MiyaTRT figured it out. Karariko’s Unemployment Rate. In both Breath of the Wild and Tears of the Kingdom.
You might disagree with their methodology. Like in BotW he declares that Paya is unemployed even though she is obviously training to become village leader after Impa retires. But it’s still an entertaining video, and probably will tell you some things about Chicken Town’s NPCs that you didn’t know before, like that in BotW one of the townsfolk stamps on one of their neighbors crops at night!
Röq is continuing their explorations of The Legend of Zelda: Tears of the Kingdom. They’re getting concerned that there aren’t as many triangles in this one as they were hoping for. There are these stone things that look like the number 9 (“Number 9… number 9…”) but they aren’t the same at all. It seems like it’s a bad idea to eat one, especially. (Spoilers?) Not that Röq is considering eating triangles. Although pizza slices might be considered kind of like triangles. Mmm… triangles.
Speaking of spoilers, there are some minor ones in this post, but nothing huge.
The Yiga are pretty hapless in this game. I kind of love them? They definitely know how to have a good time, doing donuts in their underground bases in devices with ridiculous designs, and names like Flamecrusher and Doommachine. They aren’t any more effective than in the first game, and in fact may actually be weaker.
Link can say so much with a wave and a shrug. He must have taken mime classes or something.
And now, the musical stylings of Marot the Zora:
I don’t know why I fixate on fish lady’s song, but I do. I’m glad it’s the same between games.
Rauru, our benefactor from the ancient past, has, uh, a questionable sense of humor:
What purpose does this serve? And this is a bit of a spoiler, but….
Why do we even have to do shrine puzzles this time? In Breath of the Wild there was the sense that the Sheikah monks were training Link up to face the Calamity, but these shrines, that suddenly appeared right on cue, we know that Rauru made them, and that he knows who they’re for. Link’s already a hero. Rauru knows it, Zelda went back in time and told him. “Seals the darkness” my Hylian ass, the shrines exist to give Link the orbs he needs to heal up from Ganondorf’s mummy attacking him at the start of the game, and he’s still the only person who can enter them. If you know already he’s the Chosen One, there’s no reason to make him jump though hoops. Just hand over the round sparkly, he has a realm to save.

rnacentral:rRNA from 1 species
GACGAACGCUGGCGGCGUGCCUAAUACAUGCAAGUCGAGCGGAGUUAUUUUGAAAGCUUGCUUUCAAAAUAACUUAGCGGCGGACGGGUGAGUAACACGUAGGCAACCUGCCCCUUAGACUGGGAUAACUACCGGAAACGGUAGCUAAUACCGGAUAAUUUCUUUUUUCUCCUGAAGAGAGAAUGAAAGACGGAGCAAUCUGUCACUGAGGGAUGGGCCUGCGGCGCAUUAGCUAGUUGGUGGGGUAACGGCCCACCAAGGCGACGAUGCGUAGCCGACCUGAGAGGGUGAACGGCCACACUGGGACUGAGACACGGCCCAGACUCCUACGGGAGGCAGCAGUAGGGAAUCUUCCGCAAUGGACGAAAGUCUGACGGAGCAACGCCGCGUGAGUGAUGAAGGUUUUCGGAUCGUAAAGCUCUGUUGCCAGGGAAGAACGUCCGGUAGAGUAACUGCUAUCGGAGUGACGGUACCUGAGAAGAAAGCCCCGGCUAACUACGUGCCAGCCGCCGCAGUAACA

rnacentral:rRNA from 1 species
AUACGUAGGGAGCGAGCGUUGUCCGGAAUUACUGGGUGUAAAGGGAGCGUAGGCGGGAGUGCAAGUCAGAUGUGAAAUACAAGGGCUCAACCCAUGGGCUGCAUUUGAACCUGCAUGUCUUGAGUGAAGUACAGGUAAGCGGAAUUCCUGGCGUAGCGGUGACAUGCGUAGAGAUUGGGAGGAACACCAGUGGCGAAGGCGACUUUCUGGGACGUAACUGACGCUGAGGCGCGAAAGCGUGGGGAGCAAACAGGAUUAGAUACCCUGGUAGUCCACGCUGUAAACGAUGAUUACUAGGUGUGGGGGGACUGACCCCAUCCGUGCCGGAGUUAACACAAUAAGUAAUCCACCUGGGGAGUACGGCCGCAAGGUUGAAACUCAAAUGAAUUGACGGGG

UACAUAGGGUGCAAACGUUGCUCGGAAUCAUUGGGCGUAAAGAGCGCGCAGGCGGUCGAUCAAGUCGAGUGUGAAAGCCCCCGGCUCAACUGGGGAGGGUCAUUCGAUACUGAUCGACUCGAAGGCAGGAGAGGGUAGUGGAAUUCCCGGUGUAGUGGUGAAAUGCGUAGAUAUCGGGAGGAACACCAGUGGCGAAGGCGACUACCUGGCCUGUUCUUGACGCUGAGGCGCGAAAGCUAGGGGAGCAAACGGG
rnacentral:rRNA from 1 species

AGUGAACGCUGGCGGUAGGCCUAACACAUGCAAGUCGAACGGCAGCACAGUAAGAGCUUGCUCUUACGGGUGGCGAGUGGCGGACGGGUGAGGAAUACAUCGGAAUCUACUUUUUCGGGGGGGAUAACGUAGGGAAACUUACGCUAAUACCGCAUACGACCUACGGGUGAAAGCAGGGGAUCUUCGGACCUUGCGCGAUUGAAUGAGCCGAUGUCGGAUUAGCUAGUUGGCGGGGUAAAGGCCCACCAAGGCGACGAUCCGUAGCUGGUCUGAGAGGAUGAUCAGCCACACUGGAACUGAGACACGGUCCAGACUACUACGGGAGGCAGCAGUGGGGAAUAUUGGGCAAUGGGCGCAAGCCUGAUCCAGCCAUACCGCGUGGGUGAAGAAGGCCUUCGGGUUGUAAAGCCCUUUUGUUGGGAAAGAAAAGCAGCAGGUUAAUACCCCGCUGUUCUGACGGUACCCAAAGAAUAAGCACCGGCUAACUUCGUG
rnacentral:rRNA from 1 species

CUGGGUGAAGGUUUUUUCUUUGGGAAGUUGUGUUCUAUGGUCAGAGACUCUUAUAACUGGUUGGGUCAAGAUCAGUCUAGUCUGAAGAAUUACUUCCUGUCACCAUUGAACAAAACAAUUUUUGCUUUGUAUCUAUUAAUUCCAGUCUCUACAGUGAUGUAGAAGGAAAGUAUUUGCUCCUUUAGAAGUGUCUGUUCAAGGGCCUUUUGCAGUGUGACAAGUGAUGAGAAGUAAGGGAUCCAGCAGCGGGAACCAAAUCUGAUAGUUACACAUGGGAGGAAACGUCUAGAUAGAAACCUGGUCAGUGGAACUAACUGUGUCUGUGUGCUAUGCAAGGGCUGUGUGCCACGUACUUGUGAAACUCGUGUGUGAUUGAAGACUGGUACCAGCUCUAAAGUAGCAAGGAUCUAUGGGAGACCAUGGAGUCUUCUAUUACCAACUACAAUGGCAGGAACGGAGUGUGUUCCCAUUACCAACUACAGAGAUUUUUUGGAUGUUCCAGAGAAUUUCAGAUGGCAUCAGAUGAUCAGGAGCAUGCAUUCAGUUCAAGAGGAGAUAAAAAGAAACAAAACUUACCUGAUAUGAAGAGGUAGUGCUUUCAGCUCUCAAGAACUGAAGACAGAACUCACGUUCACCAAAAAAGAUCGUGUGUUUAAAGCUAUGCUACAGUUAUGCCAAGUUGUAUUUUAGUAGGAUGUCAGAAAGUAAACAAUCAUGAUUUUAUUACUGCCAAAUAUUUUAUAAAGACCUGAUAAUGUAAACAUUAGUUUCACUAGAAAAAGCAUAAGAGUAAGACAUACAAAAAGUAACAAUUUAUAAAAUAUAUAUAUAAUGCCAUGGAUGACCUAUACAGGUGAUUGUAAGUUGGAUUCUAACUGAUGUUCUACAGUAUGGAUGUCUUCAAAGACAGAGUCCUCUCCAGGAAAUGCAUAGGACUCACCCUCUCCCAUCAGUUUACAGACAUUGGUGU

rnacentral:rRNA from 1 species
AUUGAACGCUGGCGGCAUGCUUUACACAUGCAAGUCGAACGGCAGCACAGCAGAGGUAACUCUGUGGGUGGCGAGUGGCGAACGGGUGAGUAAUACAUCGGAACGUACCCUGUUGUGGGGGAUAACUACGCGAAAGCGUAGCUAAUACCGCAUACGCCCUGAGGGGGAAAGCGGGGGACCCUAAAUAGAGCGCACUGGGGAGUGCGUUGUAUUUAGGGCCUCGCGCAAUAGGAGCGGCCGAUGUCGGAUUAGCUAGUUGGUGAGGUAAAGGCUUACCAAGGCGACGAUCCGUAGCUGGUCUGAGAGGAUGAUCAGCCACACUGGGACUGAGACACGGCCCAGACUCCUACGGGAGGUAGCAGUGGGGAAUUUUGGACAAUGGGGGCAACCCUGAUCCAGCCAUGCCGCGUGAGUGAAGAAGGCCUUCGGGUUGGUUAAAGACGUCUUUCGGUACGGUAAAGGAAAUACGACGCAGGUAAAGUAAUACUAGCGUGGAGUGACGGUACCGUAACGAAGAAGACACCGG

Don’t get me started on why Link have to give them to the goddess statues to get healed. What do they get out of it? Why does Link have to serve as middle-elf? This magical economy, it makes no sense.
It’s rather harder to survive the early game, I found, in The Legend of Zelda: Tears of the Kingdom that it was in Breath of the Wild. There are many more enemies, they’re stronger, your weapons are weaker, and there’s a lot more kinds of enemies. I got killed over and over in the early going, while I could engage small groups of Bokoblins pretty easily in BotW. And if you encounter a cluster of Gloom Hands while you still have only four hearts, you’ll probably want to teleport away from there if you can’t immediately climb up out of reach. (What are Gloom Hands? You’ll know them when you see them.)
I wrote up a list of tips for the early game in a MeFi thread, and I realized hey, that’s the kind of content I should be putting here! So here they are. There’s minor early gameplay spoilers here, necessarily.
There is probably little here you couldn’t get from the gaming bigsites, Kotaku and its ilk. But my belief is, if you get this information from someone small, it feels a lot more like a friend is passing along some advice they gained. And after all, the people who have the strategy guides and help articles on those sites probably had the advantage of having completed the game during the press embargo period. I assure you, I had no early access.
Shrines, each giving you a short puzzle to solve for an upgrade orb, are even more important here than in BotW, because the monsters are harder and you need those hearts. There’s a bunch of shrines around the new town in central Hyrule. Unlike the first game where people could dedicate their character all to stamina, I think you’ll find that hearts are more useful in the early game.
If you have full hearts, you will nearly always survive any hit with at least a quarter-heart left, but you have to have full hearts. If you get bodied by an unexpected attack and left with a quarter-heart, immediately eat something that brings you back up to full to regain that protection (not too hard when you only have four hearts), then get away from it.